Compared to August, the Thomson Reuters/PayNet Small Business Default Index (SBDFI) fell two basis points to 1.81% in September, its lowest level in two years. Year-over-year, the SBDFI fell five basis points, marking its ninth straight annual decrease. On the year, defaults rose in nearly half of the major industries. Despite a 16bp monthly drop, Information (+101bp Y/Y) experienced the largest year-over-year increase in default levels. Though some market-watchers anticipate that business conditions will worsen for U.S. farmers and manufacturers due to tariffs, defaults continue to improve in Agriculture (-11bp Y/Y) and Manufacturing (-16bp Y/Y). Regionally, year-over-year default growth was a mixed bag, with half of states experiencing increases and half seeing declines. However, default levels remain in the bottom 50% of all historical readings in all ten of the largest states.
“The goldilocks condition of rapid investment with low risk appears to be changing as we see the largest increase in credit risk over the past two years,” added Phelan. “The good news is that we expect the lending cycle to continue to expand, but on the flip side, risk levels appear to be rising. As such, lenders should remain vigilant in their assessment of risks and rewards in preparation for a shift that — although subtle now — will have long-term implications and put upward pressure on the cost of credit.”
PayNet, Inc., is the leading provider of credit ratings on small businesses enabling lenders to manage credit risk, grow earning assets and operate credit at lower cost. PayNet maintains the largest proprietary database of small business loans, leases and lines of credit encompassing over 24 million contracts worth over $1.6 Trillion. Using state-of-the-art analytics, PayNet converts raw data into real-time market intelligence and predictive information that subscribing lenders use to make informed small business financial decisions and improve their business strategy. For more information visit www.paynet.com.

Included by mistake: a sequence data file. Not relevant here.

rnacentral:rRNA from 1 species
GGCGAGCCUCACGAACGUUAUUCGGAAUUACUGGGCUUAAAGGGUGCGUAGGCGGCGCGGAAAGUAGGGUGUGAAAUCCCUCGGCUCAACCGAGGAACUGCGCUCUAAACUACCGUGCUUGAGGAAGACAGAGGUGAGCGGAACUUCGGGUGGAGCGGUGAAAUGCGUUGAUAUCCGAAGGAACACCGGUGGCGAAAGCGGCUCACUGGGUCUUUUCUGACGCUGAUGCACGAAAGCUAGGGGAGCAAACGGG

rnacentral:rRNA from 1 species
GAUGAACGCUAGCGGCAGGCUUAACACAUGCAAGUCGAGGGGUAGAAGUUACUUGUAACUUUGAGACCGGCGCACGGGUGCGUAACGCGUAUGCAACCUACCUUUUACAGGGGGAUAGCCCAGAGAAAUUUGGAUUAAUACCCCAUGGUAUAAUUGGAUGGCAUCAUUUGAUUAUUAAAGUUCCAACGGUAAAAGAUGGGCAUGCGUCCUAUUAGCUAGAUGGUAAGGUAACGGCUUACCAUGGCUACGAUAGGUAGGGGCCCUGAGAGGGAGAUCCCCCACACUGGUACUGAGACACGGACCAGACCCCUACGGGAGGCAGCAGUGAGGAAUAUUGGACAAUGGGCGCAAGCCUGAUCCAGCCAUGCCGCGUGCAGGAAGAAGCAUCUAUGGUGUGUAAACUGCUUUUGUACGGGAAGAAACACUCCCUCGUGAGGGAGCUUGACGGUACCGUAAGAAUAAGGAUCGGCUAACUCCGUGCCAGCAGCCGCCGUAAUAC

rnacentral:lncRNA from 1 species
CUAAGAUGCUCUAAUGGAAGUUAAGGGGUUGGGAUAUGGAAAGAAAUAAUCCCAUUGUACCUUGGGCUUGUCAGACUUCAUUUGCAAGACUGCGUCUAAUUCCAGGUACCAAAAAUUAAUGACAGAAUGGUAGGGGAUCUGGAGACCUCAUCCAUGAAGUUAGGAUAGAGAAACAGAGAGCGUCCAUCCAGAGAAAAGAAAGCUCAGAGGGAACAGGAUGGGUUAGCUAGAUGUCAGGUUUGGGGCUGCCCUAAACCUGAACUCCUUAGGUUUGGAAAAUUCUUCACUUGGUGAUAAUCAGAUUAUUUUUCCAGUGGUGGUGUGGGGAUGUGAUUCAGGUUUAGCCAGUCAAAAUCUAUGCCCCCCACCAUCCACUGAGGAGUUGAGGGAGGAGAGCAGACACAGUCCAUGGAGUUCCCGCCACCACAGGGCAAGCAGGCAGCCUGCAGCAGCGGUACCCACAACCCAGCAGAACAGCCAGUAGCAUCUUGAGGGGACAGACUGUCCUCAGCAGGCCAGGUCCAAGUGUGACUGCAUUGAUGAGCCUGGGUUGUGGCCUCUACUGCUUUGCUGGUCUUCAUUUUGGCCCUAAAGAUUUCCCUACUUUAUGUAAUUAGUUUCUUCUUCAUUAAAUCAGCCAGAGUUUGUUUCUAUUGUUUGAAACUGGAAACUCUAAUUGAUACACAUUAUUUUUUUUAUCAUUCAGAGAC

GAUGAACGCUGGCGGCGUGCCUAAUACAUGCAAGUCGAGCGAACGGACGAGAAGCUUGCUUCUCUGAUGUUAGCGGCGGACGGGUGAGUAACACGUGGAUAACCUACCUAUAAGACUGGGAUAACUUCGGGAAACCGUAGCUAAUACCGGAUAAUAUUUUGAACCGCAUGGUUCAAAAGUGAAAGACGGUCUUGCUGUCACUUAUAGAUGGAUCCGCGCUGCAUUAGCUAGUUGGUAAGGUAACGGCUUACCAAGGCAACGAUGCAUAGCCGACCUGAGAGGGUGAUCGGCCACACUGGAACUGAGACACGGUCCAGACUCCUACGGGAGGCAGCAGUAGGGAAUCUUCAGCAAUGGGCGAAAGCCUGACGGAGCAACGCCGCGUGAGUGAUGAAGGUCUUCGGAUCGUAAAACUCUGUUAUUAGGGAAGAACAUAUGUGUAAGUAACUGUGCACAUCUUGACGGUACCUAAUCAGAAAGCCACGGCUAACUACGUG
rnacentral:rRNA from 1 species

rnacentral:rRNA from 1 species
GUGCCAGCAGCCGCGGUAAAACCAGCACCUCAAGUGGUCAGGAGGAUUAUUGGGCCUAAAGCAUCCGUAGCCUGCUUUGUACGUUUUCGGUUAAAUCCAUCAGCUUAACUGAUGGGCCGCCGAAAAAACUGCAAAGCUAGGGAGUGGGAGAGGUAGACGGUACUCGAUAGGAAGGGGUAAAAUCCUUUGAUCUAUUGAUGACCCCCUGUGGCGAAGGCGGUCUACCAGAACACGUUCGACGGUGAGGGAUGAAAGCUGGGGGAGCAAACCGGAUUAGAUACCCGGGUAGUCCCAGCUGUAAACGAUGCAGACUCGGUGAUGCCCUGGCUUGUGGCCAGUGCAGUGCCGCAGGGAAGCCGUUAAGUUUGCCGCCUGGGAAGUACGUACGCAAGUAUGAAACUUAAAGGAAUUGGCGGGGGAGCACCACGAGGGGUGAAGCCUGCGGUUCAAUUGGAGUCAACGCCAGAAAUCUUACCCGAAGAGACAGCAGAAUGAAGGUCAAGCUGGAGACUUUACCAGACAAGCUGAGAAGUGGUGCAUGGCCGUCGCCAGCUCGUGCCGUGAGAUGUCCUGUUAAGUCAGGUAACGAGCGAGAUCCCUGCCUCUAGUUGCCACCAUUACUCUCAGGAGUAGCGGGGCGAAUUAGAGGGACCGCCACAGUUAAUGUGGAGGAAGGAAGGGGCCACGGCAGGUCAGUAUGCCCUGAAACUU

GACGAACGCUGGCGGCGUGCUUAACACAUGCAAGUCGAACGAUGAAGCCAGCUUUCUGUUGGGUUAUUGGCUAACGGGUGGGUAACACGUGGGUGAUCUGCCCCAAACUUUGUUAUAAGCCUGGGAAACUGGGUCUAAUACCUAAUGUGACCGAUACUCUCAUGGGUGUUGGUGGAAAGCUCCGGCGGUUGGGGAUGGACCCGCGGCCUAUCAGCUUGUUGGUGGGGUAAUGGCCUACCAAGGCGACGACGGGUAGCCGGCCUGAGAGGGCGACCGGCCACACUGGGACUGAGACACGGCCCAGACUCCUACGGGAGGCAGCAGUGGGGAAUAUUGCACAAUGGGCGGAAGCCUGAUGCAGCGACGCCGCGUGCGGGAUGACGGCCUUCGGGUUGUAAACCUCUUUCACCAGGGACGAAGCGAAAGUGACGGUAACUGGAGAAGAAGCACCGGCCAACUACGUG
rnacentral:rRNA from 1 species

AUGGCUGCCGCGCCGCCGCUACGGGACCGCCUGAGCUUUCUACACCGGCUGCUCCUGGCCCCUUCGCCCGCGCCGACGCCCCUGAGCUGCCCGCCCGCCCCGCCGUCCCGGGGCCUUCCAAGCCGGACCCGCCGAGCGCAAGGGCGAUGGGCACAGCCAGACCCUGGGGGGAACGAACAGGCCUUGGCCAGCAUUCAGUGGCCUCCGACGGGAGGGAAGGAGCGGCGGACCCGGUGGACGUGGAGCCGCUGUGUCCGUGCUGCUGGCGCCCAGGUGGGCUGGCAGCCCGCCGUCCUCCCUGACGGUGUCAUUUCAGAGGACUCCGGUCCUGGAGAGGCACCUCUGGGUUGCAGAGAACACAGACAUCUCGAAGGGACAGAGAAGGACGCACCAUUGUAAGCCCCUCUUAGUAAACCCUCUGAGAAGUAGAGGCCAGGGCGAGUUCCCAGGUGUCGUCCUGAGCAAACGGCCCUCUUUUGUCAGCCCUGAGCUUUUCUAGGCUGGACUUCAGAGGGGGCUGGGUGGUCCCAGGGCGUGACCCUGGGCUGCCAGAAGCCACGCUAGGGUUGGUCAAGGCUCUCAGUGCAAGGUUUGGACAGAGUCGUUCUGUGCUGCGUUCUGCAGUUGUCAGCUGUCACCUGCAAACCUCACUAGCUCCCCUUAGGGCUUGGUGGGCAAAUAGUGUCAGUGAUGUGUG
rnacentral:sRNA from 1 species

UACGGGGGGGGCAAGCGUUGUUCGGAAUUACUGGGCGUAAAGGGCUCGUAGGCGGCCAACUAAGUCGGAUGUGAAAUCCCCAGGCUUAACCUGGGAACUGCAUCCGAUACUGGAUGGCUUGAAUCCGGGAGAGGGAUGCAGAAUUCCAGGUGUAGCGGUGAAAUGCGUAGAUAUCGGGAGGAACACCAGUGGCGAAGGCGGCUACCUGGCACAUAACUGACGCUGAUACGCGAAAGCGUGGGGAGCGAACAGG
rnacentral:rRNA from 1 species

Thomson Reuters/PayNet Small Business Lending Index (SBLI)
The Small Business Lending Index (SBLI) is based on new commercial loan and lease originations by major U.S. lenders in PayNet’s proprietary database. This index measures the volume of loans to small businesses normalized to January 2005. Small businesses generally respond to changes in economic conditions more rapidly than do larger businesses, so this statistic is a leading indicator of the economy and predicts changes in GDP between 2-5 months.
Thomson Reuters/PayNet Small Business Delinquency Index (SBDI)
The Small Business Delinquency Index (SBDI) measures the financial stress of small businesses with $1mm or less in credit outstanding.
PayNet Small Business Default Index (SBDFI)
The PayNet Small Business Default Index (SBDFI) measures small business defaults and signals insolvency across multiple sectors of the economy at the national, state and industry levels. Default is a point-in-time measurement of borrowers that have failed to remain current and as such is a vital piece of information to assess risk exposure and evaluate the health of the overall economy.